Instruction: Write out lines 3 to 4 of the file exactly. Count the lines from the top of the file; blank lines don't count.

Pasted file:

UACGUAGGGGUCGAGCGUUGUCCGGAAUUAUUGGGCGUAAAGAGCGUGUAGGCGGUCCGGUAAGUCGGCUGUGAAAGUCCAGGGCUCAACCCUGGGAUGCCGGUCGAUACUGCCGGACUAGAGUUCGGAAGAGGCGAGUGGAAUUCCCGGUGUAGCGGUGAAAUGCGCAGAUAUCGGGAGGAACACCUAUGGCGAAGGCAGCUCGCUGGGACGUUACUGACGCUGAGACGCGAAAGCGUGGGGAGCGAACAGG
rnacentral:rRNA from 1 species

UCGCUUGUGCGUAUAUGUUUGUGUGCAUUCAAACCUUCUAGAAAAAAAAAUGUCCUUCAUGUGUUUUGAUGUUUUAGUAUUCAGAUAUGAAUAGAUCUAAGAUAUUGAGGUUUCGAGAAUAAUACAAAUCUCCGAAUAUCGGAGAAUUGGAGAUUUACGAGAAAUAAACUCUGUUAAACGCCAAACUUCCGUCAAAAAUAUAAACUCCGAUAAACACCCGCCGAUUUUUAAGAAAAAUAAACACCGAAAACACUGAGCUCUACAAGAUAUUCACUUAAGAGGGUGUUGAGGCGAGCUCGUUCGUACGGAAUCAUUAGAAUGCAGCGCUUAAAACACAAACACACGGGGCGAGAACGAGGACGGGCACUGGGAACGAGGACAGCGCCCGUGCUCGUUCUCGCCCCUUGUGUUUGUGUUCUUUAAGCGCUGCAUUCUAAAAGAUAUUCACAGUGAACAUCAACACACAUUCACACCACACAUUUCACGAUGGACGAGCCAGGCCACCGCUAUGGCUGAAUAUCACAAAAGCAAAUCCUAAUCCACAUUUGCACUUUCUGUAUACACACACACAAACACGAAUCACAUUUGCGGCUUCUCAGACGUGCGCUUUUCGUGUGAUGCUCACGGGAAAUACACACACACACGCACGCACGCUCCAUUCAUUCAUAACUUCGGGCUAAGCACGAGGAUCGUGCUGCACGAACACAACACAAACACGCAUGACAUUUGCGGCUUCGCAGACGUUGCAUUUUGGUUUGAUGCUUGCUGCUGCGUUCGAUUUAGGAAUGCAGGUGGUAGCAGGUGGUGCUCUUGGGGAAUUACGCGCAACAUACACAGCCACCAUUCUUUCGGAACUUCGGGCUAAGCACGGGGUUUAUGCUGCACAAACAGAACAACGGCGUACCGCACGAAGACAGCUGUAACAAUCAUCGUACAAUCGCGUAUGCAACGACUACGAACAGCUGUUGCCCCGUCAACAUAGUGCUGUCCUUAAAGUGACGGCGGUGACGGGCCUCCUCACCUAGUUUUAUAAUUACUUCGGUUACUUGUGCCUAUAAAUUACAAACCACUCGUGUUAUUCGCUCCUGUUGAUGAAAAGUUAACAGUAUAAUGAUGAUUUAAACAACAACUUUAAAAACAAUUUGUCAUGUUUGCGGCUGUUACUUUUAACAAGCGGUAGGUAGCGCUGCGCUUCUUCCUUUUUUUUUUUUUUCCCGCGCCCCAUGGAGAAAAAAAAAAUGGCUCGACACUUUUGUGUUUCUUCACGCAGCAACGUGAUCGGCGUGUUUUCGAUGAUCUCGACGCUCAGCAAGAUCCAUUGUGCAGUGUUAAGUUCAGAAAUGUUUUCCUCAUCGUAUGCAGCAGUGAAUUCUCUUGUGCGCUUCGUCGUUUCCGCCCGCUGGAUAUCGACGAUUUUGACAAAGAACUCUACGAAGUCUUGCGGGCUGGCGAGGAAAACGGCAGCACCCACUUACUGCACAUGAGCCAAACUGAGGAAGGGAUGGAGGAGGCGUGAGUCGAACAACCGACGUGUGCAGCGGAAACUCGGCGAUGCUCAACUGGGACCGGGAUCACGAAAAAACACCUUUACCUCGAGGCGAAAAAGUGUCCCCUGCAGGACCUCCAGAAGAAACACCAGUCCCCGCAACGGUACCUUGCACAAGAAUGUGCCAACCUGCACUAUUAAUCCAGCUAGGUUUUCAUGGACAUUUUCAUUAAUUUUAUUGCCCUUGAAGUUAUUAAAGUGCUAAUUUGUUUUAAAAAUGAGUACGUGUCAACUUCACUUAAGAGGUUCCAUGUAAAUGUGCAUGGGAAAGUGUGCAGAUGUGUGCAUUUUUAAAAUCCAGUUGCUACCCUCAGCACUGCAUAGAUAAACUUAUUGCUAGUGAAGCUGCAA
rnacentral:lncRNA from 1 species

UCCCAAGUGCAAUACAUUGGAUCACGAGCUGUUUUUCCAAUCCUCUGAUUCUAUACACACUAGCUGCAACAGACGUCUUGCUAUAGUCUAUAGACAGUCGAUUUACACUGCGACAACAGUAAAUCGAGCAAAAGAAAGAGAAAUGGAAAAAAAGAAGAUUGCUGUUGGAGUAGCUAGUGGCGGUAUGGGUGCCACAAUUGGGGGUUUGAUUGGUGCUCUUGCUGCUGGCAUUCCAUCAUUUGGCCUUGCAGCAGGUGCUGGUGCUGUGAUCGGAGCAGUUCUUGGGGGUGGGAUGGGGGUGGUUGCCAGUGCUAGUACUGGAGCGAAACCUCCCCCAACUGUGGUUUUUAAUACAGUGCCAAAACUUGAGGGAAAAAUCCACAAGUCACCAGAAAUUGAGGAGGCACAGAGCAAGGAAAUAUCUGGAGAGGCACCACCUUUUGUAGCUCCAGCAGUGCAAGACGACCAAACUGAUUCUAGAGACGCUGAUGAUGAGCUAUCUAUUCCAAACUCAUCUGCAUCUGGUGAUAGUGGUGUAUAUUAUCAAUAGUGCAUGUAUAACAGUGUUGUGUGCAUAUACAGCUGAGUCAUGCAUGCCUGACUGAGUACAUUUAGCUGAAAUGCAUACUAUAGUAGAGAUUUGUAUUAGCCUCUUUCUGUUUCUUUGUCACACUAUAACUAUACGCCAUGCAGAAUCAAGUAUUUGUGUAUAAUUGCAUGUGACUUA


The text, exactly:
UCGCUUGUGCGUAUAUGUUUGUGUGCAUUCAAACCUUCUAGAAAAAAAAAUGUCCUUCAUGUGUUUUGAUGUUUUAGUAUUCAGAUAUGAAUAGAUCUAAGAUAUUGAGGUUUCGAGAAUAAUACAAAUCUCCGAAUAUCGGAGAAUUGGAGAUUUACGAGAAAUAAACUCUGUUAAACGCCAAACUUCCGUCAAAAAUAUAAACUCCGAUAAACACCCGCCGAUUUUUAAGAAAAAUAAACACCGAAAACACUGAGCUCUACAAGAUAUUCACUUAAGAGGGUGUUGAGGCGAGCUCGUUCGUACGGAAUCAUUAGAAUGCAGCGCUUAAAACACAAACACACGGGGCGAGAACGAGGACGGGCACUGGGAACGAGGACAGCGCCCGUGCUCGUUCUCGCCCCUUGUGUUUGUGUUCUUUAAGCGCUGCAUUCUAAAAGAUAUUCACAGUGAACAUCAACACACAUUCACACCACACAUUUCACGAUGGACGAGCCAGGCCACCGCUAUGGCUGAAUAUCACAAAAGCAAAUCCUAAUCCACAUUUGCACUUUCUGUAUACACACACACAAACACGAAUCACAUUUGCGGCUUCUCAGACGUGCGCUUUUCGUGUGAUGCUCACGGGAAAUACACACACACACGCACGCACGCUCCAUUCAUUCAUAACUUCGGGCUAAGCACGAGGAUCGUGCUGCACGAACACAACACAAACACGCAUGACAUUUGCGGCUUCGCAGACGUUGCAUUUUGGUUUGAUGCUUGCUGCUGCGUUCGAUUUAGGAAUGCAGGUGGUAGCAGGUGGUGCUCUUGGGGAAUUACGCGCAACAUACACAGCCACCAUUCUUUCGGAACUUCGGGCUAAGCACGGGGUUUAUGCUGCACAAACAGAACAACGGCGUACCGCACGAAGACAGCUGUAACAAUCAUCGUACAAUCGCGUAUGCAACGACUACGAACAGCUGUUGCCCCGUCAACAUAGUGCUGUCCUUAAAGUGACGGCGGUGACGGGCCUCCUCACCUAGUUUUAUAAUUACUUCGGUUACUUGUGCCUAUAAAUUACAAACCACUCGUGUUAUUCGCUCCUGUUGAUGAAAAGUUAACAGUAUAAUGAUGAUUUAAACAACAACUUUAAAAACAAUUUGUCAUGUUUGCGGCUGUUACUUUUAACAAGCGGUAGGUAGCGCUGCGCUUCUUCCUUUUUUUUUUUUUUCCCGCGCCCCAUGGAGAAAAAAAAAAUGGCUCGACACUUUUGUGUUUCUUCACGCAGCAACGUGAUCGGCGUGUUUUCGAUGAUCUCGACGCUCAGCAAGAUCCAUUGUGCAGUGUUAAGUUCAGAAAUGUUUUCCUCAUCGUAUGCAGCAGUGAAUUCUCUUGUGCGCUUCGUCGUUUCCGCCCGCUGGAUAUCGACGAUUUUGACAAAGAACUCUACGAAGUCUUGCGGGCUGGCGAGGAAAACGGCAGCACCCACUUACUGCACAUGAGCCAAACUGAGGAAGGGAUGGAGGAGGCGUGAGUCGAACAACCGACGUGUGCAGCGGAAACUCGGCGAUGCUCAACUGGGACCGGGAUCACGAAAAAACACCUUUACCUCGAGGCGAAAAAGUGUCCCCUGCAGGACCUCCAGAAGAAACACCAGUCCCCGCAACGGUACCUUGCACAAGAAUGUGCCAACCUGCACUAUUAAUCCAGCUAGGUUUUCAUGGACAUUUUCAUUAAUUUUAUUGCCCUUGAAGUUAUUAAAGUGCUAAUUUGUUUUAAAAAUGAGUACGUGUCAACUUCACUUAAGAGGUUCCAUGUAAAUGUGCAUGGGAAAGUGUGCAGAUGUGUGCAUUUUUAAAAUCCAGUUGCUACCCUCAGCACUGCAUAGAUAAACUUAUUGCUAGUGAAGCUGCAA
rnacentral:lncRNA from 1 species